we spent time with two of our grandkids in Portland. Four year old Amelia took me on a tour of her vegetable garden and
explained why it is important to eat organic food, so we don’t get bad
chemicals in our body. We harvested some
sweet, sweet peas, carrots that tasted like candy, and small yellow tomatoes. As much ended up in our tummies as went into
the bowl. She tells me that her favorite
vegetable is eggplant. Either it’s
true, in which case she has incredible taste, or she just wants to have the
same favorite vegetable as her Grandma Cee Cee. Either way, I love that kid to pieces.
that night we took a walk down by the Willamette River to get some relief from the unrelenting hot, hot, hot of the day. We found wild Oregon blackberries growing all along the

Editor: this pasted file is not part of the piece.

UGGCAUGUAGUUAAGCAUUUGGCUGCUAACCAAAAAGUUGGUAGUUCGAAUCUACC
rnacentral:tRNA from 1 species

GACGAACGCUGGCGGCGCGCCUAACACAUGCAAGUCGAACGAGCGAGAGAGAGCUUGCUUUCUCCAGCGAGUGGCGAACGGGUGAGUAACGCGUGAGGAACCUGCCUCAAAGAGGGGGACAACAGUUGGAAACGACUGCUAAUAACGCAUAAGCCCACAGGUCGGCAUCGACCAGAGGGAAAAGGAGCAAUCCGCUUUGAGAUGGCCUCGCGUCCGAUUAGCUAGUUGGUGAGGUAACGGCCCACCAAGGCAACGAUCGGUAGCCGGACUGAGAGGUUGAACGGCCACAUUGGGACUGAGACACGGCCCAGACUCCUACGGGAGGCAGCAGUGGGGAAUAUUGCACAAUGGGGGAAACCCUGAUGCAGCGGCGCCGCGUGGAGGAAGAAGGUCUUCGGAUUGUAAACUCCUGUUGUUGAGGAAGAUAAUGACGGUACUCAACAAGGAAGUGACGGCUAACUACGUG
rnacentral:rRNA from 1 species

bank. Amelia and her not-quite-two year
old sister Paloma braved the brambles and ate to their hearts’ content, faces
stained with berry juice and sleepiness when it was time to go home.
am reading the Omnivore’s Dilemma by Michael Pollan right now – just a
fantastic book that I highly recommend (that in fact I am going to use in my
Food and Politics class this coming semester at I.U.) In simplest terms, it’s
all about the sources of our food – what difference it makes what we choose to
have for dinner. It warms my heart to
see these two little girls learning about that difference from the start and
having such a relaxed, intimate and adventurous relationship to their food — no small achievement in these days of massive supermarkets and omnipresent fast food joints. Kudos to their parents!